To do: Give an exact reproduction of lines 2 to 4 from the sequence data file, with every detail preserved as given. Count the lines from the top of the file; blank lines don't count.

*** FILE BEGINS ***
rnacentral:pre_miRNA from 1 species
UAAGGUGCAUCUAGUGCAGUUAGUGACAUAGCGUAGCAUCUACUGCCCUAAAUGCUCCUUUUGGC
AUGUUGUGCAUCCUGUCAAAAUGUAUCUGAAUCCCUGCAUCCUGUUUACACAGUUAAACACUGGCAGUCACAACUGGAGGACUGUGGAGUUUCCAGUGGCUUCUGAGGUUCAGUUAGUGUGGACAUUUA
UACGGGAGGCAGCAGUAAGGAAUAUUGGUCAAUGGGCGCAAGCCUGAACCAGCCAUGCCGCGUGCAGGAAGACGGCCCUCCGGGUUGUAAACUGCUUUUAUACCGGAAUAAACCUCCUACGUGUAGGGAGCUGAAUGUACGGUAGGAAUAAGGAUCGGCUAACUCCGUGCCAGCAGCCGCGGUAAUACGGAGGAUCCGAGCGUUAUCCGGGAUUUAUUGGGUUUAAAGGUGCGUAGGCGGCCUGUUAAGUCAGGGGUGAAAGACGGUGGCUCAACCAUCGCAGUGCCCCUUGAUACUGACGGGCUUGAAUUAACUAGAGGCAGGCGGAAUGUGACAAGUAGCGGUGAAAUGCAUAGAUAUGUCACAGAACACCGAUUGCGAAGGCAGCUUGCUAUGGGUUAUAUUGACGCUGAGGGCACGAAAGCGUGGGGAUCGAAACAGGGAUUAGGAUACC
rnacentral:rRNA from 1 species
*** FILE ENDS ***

UAAGGUGCAUCUAGUGCAGUUAGUGACAUAGCGUAGCAUCUACUGCCCUAAAUGCUCCUUUUGGC
AUGUUGUGCAUCCUGUCAAAAUGUAUCUGAAUCCCUGCAUCCUGUUUACACAGUUAAACACUGGCAGUCACAACUGGAGGACUGUGGAGUUUCCAGUGGCUUCUGAGGUUCAGUUAGUGUGGACAUUUA
UACGGGAGGCAGCAGUAAGGAAUAUUGGUCAAUGGGCGCAAGCCUGAACCAGCCAUGCCGCGUGCAGGAAGACGGCCCUCCGGGUUGUAAACUGCUUUUAUACCGGAAUAAACCUCCUACGUGUAGGGAGCUGAAUGUACGGUAGGAAUAAGGAUCGGCUAACUCCGUGCCAGCAGCCGCGGUAAUACGGAGGAUCCGAGCGUUAUCCGGGAUUUAUUGGGUUUAAAGGUGCGUAGGCGGCCUGUUAAGUCAGGGGUGAAAGACGGUGGCUCAACCAUCGCAGUGCCCCUUGAUACUGACGGGCUUGAAUUAACUAGAGGCAGGCGGAAUGUGACAAGUAGCGGUGAAAUGCAUAGAUAUGUCACAGAACACCGAUUGCGAAGGCAGCUUGCUAUGGGUUAUAUUGACGCUGAGGGCACGAAAGCGUGGGGAUCGAAACAGGGAUUAGGAUACC